You'll need to call each of the companies that you're invested with and ask a few questions, namely:

- What amount can I withdraw today without incurring redemption charges? (The reply willl either be in $ or # of units).

- What is the total charge for liquidating all of my units (in each fund)?

- What is/are the maturity date(s) of my units? (You'll receive a reply for each fund. And for each fund you may have different tranches of units maturiting on different dates.)

For the funds that I can't get out without a sizable penalty, can I at least transfer them to BMO Investorline so that I can sell them off gradually on my own and also not be subject to an account fee or are they stuck with MRS trust?
Yes you can. You can also switch to another fund within the same 'complex' or family while staying on the same 'redemption schedule' and avoiding a fee. This may be desirable depending on what else you can move to within the same family of funds. MRS will charge you an exit fee for closing your account by the way.

At what point are underperforming high MER funds worth selling even if it means paying a couple of percentage points or so in DSC?
If you can't be assured of earning back exit fees in the form of cost savings within a year or two, I'd wait. The benefits of low fees aren't meaningful over shorter periods of time. It's only over longer investment holding periods that low fees really make their impact.

Good luck.
 

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I would also consider how much the fund is up. You will need to know how much you invested in each fund.

If you are up ??? I might bite the bullet and pay the discharge fee and get on with life.
 

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Same Boat

I have been in much of the same spot as you, minus my employer adding to my funds.

I have switched to a direct brokerage and called all of my fund companies directly to sell all mature DSC funds that were under-preforming (there were many). All new money has been added to no-load funds with lower MER or ETF's.

The last step was to look at the funds that don't mature for a long while and their fund families. I have just recently switched out these funds for better preforming or lower MER issues.

Wasn't that hard (thanks to guys and gals here ;) )
 

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Some low MER funds worth considering:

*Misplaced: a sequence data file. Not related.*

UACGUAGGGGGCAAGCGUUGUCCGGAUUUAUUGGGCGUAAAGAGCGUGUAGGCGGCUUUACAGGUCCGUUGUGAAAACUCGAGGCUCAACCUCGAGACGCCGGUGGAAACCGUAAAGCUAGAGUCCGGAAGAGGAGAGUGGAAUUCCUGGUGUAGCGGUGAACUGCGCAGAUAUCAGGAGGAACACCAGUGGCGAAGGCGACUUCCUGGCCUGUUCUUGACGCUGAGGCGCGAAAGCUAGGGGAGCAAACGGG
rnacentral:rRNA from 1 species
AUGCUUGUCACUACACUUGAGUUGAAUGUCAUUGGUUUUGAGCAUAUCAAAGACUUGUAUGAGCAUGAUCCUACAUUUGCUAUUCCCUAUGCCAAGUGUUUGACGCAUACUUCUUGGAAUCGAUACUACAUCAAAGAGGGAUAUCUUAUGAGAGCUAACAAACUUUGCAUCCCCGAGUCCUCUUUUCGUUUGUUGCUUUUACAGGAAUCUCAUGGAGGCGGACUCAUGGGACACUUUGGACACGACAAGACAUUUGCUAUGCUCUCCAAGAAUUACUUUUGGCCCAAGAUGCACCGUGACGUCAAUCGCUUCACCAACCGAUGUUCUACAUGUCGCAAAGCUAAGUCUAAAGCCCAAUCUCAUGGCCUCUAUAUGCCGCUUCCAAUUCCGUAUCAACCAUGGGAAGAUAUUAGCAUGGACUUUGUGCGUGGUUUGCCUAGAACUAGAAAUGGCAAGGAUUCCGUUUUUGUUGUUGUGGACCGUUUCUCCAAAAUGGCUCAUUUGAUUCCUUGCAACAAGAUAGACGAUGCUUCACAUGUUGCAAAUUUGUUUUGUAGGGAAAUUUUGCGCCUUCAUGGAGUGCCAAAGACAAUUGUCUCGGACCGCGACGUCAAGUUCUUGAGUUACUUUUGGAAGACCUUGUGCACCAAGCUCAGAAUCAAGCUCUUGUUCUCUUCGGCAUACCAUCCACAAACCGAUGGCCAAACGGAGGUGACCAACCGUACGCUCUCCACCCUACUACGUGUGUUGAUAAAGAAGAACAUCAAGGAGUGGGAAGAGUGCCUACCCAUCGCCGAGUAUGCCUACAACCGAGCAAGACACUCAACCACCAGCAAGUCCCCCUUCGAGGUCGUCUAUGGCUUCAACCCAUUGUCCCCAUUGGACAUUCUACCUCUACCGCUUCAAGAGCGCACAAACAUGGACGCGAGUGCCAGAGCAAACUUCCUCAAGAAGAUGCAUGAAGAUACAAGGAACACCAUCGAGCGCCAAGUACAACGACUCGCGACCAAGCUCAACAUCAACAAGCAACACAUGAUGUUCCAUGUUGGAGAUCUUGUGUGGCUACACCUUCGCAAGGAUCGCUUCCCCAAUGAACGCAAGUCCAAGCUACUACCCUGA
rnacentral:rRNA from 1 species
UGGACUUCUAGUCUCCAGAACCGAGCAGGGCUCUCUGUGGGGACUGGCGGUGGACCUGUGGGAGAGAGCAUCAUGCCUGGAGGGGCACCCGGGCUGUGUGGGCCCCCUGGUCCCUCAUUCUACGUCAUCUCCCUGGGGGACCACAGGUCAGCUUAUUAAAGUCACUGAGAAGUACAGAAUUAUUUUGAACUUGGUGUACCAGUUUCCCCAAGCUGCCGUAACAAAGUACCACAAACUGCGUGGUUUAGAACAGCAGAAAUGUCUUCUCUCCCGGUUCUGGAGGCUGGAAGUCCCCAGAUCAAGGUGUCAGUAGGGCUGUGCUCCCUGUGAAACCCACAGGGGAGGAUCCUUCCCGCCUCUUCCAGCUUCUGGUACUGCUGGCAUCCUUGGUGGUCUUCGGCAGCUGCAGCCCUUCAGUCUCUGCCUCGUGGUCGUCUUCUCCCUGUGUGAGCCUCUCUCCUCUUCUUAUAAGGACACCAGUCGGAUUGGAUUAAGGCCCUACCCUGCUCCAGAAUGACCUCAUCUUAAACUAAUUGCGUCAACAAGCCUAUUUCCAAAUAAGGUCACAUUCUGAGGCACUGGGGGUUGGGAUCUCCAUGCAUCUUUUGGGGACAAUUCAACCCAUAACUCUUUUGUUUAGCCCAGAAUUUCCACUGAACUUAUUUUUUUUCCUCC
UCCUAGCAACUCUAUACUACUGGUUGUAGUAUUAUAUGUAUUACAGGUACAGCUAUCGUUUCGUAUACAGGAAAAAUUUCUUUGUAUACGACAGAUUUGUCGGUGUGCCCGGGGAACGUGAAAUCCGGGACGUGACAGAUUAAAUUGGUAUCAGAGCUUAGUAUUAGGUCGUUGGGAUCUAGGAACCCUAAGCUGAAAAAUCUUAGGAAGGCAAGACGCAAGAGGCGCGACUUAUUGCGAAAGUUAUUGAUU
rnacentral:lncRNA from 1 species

Beutel Goodman American Equity
Beutel Goodman Corp/Pro Active Bond
Beutel Goodman Income

Mawer Canadian Equity

McLean Budden International Equ D
 

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Discussion Starter #8
All - Thanks for the advice. Looks like I will need to set aside some time to call the mutual fund companies.
 

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Discussion Starter #9
I spoke with the funds. I am looking at anywhere from 2.5% to just over 3% (varies by fund) to get out of everything. Why am I not surprised that the 2 poorest performers have the worst DSCs.

Thoughts on whether I should just take the hit to get my investments where I want? Also, MRS trust will probably hit me with about $300 or so of closing and annual fees (of which BMO investorline will cover about $75).

If I stick with the funds, in addition to the 10% numbers that can be redemed without penalty, I do have an additional 10%-12% of each fund that I can redeem now as they have past the maturity date. Because of $$ cost averaging, I should have a few units come due monthly.

Problem with all this is that I really want to be a couch potato investor and holding on to part of these while I set up a 5 or so other funds will cause me to take a more active involvement than I would like.
 

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I have experienced what you are going through and it is one reason why I dumped my financial services salesperson.

I just took out as much money from each fund annually that was free of deferred sales charges until I was out completely and gradually built a portfolio of broad-based ETF's.

To all those who may be tempted in the future, NEVER buy managed mutual funds with deferred sales charges and find yourself trapped for several years.

It's not so bad if your funds have made nice gains and you can therefore cash out early, pay the penalty charges, and still come out ahead but how many managed funds have made much net profit over the past three years?
 

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Belguy.

I asked you in another post here as well,

Would you care to let us know what ETF's you are in. and perhaps why?

I would NEVER again use a "financial advisor". I fired the last guy I was dealing with yaers ago.
Most of them are useless, although quite clever at making sure they make nice returns from your account , whether you gain or lose money.

Anthony